In Australia, car accidents are the leading cause of death of kids under 14 and there's a raft of legal obligations when it comes to littlies in the car. The range of options on the market can get quite confusing so keep reading and we'll help you get it right.
The Child Restraint Evaluation Program (CREP) independently tests for car seats above and beyond minimum standards. These are some of the best baby capsule car seats and child car seats from their test still available, with protection ratings out of 5.
As CREP regularly updates its testing protocols, results from 2021 onwards cannot be compared with previous years.
0 to 6 months – Capsule
A baby/infant capsule is rearward-facing with an inbuilt harness, which is the legal requirement for babies under six months. Capsules can be used for babies up to about six months of age or slightly older if they still fit into the seat. Unlike other types of car seats, capsules can be easily taken in and out of the car and used as a carrier or attached to a pram to mimimise disturbing your baby.
A forward-facing (or front-facing) restraint has its own inbuilt six-point harness for your child. This should be used until your child is at least four years old, but can be used for longer. It's safer for kids to stay in a harness for as long as they can fit in it.
While one option is to start your baby in a capsule and progress to a forward-facing seat then a booster seat, some may prefer to use a convertible car seat which can change modes to allow for longer periods of use. The main benefit of convertible car seats is that some allow young children to face rearward for longer. They may also be more cost-effective depending on what model you choose.
The options for convertible car seats include:
- 0 to 4 years Suitable for newborns, these car seats can be converted from rear facing to forward facing as your child grows. Some models allow for children to be rear-facing for 12 months, while others offer up to 2.5 years, which is often preferred because of the increased safety of the rear-facing position.
- 6 months to 8 years These forward-facing seats can be used as soon as your baby is no longer legally required to be rear facing. They differ from a single mode forward-facing seat as, after four years, they can be converted from a harnessed front-facing seat to a booster seat used with an adult seatbelt.
- 0 to 8 years These seats let your child face rearward for 12 months, and convert from rear facing to forward facing. Some even convert again to a booster seat by having a removable harness. These models can serve as the only car seat you purchase for your child's life, however it's important to consider if the seat will continue to suit your lifestyle for the entire period (they can be quite bulky) as well as the effect of wear and tear over an eight-year period.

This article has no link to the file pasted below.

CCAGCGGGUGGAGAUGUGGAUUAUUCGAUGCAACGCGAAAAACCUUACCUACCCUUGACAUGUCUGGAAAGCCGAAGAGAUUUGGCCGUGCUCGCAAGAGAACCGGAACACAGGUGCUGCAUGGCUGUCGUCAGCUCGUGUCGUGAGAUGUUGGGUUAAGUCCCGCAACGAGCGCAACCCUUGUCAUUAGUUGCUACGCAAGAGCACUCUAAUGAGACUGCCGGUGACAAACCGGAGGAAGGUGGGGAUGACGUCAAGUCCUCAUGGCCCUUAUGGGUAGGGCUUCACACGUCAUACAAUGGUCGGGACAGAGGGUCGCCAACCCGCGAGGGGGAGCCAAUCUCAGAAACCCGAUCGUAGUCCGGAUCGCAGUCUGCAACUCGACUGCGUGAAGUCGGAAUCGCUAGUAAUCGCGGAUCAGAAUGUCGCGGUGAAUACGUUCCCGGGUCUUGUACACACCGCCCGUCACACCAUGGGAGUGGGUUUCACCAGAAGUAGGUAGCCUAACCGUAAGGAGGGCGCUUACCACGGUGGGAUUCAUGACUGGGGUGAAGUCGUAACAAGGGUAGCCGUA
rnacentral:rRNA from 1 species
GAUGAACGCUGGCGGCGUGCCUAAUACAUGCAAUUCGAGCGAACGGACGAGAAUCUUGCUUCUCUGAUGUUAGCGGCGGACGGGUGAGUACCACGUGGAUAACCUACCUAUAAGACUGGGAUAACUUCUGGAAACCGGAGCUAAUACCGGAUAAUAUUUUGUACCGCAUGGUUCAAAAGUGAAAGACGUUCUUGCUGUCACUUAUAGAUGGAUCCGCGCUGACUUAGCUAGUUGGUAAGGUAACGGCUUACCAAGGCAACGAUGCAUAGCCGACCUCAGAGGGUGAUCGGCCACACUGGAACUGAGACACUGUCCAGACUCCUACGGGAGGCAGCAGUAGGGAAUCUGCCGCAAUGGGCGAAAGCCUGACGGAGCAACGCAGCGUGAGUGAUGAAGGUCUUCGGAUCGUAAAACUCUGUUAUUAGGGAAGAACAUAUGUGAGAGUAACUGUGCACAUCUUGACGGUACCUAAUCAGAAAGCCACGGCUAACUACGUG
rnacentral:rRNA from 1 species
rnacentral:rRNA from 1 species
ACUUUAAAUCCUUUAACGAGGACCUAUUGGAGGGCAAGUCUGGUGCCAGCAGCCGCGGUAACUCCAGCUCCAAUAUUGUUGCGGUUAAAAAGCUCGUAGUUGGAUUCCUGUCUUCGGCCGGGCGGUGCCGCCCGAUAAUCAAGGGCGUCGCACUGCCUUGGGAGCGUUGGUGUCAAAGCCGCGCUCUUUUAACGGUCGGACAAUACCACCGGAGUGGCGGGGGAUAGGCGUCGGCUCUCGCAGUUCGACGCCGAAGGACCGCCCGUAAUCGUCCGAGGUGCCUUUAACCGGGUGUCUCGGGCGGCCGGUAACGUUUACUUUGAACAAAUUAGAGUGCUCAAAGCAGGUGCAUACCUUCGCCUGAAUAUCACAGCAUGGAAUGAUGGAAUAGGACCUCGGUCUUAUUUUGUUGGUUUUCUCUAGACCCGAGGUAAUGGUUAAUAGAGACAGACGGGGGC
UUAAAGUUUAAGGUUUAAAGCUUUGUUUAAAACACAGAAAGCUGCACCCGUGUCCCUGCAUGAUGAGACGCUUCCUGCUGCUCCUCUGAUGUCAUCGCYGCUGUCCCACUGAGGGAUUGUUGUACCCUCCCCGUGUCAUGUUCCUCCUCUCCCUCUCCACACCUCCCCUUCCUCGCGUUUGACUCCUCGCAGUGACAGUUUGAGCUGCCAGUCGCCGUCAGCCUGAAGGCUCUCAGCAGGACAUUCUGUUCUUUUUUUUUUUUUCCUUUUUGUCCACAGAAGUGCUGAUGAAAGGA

A booster seat is also forward-facing, but is usually slimmer than a forward-facing car seat and is used with an adult seatbelt rather than an inbuilt harness. It's designed for children aged from four to around eight years old and some simply sit on top of the adult seat, while others may also have an additional tether. Modern-day versions have high backs and sides to provide side-impact protection and support for sleeping children. We strongly advise against using a booster cushion (with no back or side protection), however it's not illegal to use one that met Australian standards at the time it was manufactured.
If you have a new arrival on the way, you may be wondering whether you should buy a capsule (which can only be used for around six months) or go straight to a convertible car seat which can be used from 0 to 4 years. While both options are equally safe, there are some pros and cons to consider.
- A capsule can be easily removed from the car and carried.
- A capsule that's compatible with your stroller can replace a bassinet attachment. These all-in-one travel systems allow you to remove the capsule and click it into place on your pram without needing to disturb baby, particularly if they've just nodded off. (Warning: Babies must never be left asleep in a car seat unsupervised, and never for lengthy periods; they are not designed for this. Babies have suffocated from lack of airflow due to not being in a flat position.)
- After your baby outgrows the capsule you only need to buy a 6 month to 8 year forward-facing convertible car seat.
- Most capsules can only be used for around six months (depending on the size of your baby).
- The cost of a capsule can be similar to a convertible car seat that can be used from birth to four years.
If you'd like to use a capsule but are budget conscious, a number of companies offer one, three or six month rentals with prices ranging from around $100–$200 for six months, which is around half the price of buying your own. Ensure the company conducts a safety check of the capsule before issuing it for hire.
ISOFIX is a car seat installation system that involves clipping the car seat into anchorage points manufactured into cars. Newer car seats are ISOFIX compatible and are usually easier to install than the old seatbelt system. The old seat belt method is just as safe, when installed correctly.
No. Despite the temptation to buy or import a cheaper ISOFIX car restraint from overseas, it's illegal to use one as it won't meet Australian safety standard AS/ANZ 1754.
All car seats sold in Australia need to meet mandatory safety standards. The Child Restraint Evaluation Program (CREP) independently crash tests car seats above and beyond these standards. Results are published for free online at Child Car Seats. All models listed on the CREP website are considered safe, however those with more than one star have an even better safety performance than what's legally required.